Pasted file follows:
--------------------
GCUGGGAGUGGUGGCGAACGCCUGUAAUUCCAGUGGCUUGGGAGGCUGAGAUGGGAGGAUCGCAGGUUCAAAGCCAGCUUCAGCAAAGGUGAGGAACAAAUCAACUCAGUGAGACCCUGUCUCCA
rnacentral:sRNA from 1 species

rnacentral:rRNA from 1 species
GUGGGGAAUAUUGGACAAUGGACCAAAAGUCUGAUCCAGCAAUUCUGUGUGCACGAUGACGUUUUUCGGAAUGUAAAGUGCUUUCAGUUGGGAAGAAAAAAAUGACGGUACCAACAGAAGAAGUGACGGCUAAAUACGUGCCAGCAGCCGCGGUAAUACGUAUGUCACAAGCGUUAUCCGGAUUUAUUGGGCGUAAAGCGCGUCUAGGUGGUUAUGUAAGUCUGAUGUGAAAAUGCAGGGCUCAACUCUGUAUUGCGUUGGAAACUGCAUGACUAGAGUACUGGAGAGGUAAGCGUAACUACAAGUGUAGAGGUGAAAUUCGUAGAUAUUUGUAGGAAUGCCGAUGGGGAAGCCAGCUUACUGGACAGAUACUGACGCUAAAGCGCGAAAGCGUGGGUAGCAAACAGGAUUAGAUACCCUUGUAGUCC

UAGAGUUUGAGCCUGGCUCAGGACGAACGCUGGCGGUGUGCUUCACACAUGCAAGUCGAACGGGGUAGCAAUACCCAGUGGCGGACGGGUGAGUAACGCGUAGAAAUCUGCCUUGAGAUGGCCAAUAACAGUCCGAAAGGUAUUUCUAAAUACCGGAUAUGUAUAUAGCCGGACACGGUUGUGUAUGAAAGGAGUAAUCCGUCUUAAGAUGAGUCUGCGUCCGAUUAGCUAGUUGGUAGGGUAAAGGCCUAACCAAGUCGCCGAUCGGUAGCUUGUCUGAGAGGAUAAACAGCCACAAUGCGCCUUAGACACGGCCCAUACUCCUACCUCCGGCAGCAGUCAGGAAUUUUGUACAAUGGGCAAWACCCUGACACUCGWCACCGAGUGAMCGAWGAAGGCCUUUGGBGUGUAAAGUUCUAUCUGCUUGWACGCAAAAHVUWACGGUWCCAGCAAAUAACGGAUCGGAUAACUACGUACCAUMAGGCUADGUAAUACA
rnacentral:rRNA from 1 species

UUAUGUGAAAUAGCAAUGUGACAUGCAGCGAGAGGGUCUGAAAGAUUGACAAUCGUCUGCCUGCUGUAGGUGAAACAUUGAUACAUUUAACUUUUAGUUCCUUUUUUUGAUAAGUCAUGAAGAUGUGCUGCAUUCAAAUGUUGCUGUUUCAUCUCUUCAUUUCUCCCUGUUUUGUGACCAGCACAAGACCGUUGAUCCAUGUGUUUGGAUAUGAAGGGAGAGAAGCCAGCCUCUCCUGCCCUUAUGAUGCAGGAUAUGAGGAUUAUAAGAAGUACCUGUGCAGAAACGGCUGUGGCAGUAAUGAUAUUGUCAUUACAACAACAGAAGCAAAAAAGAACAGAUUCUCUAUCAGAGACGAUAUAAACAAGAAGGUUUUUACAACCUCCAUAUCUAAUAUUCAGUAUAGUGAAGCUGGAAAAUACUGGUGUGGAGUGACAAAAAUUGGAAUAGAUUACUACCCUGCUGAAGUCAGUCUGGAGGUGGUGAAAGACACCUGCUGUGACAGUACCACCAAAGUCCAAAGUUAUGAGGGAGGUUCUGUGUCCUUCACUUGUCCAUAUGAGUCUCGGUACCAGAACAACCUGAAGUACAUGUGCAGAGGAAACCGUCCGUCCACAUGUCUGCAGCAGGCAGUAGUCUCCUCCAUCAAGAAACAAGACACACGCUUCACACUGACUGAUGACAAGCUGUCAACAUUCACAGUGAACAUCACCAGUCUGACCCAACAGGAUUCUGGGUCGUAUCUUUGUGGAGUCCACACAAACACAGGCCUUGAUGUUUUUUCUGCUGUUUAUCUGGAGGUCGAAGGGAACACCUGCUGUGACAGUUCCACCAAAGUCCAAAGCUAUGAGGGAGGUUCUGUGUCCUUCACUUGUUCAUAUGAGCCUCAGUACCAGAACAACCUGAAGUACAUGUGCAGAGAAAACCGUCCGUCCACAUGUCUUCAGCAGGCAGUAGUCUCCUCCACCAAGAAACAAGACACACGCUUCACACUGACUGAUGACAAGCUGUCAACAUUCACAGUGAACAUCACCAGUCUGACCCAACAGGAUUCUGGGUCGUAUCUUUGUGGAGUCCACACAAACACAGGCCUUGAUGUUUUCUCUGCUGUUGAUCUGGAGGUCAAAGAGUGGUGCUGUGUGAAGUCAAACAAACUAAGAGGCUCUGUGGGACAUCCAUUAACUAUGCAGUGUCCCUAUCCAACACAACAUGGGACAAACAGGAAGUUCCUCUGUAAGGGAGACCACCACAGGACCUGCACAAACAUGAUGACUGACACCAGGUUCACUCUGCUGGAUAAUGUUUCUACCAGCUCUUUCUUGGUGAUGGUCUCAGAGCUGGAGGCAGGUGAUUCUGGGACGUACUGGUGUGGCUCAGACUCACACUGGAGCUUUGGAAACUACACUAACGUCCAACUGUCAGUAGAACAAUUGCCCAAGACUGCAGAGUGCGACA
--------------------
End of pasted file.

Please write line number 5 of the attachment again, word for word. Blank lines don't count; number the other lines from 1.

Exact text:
UAGAGUUUGAGCCUGGCUCAGGACGAACGCUGGCGGUGUGCUUCACACAUGCAAGUCGAACGGGGUAGCAAUACCCAGUGGCGGACGGGUGAGUAACGCGUAGAAAUCUGCCUUGAGAUGGCCAAUAACAGUCCGAAAGGUAUUUCUAAAUACCGGAUAUGUAUAUAGCCGGACACGGUUGUGUAUGAAAGGAGUAAUCCGUCUUAAGAUGAGUCUGCGUCCGAUUAGCUAGUUGGUAGGGUAAAGGCCUAACCAAGUCGCCGAUCGGUAGCUUGUCUGAGAGGAUAAACAGCCACAAUGCGCCUUAGACACGGCCCAUACUCCUACCUCCGGCAGCAGUCAGGAAUUUUGUACAAUGGGCAAWACCCUGACACUCGWCACCGAGUGAMCGAWGAAGGCCUUUGGBGUGUAAAGUUCUAUCUGCUUGWACGCAAAAHVUWACGGUWCCAGCAAAUAACGGAUCGGAUAACUACGUACCAUMAGGCUADGUAAUACA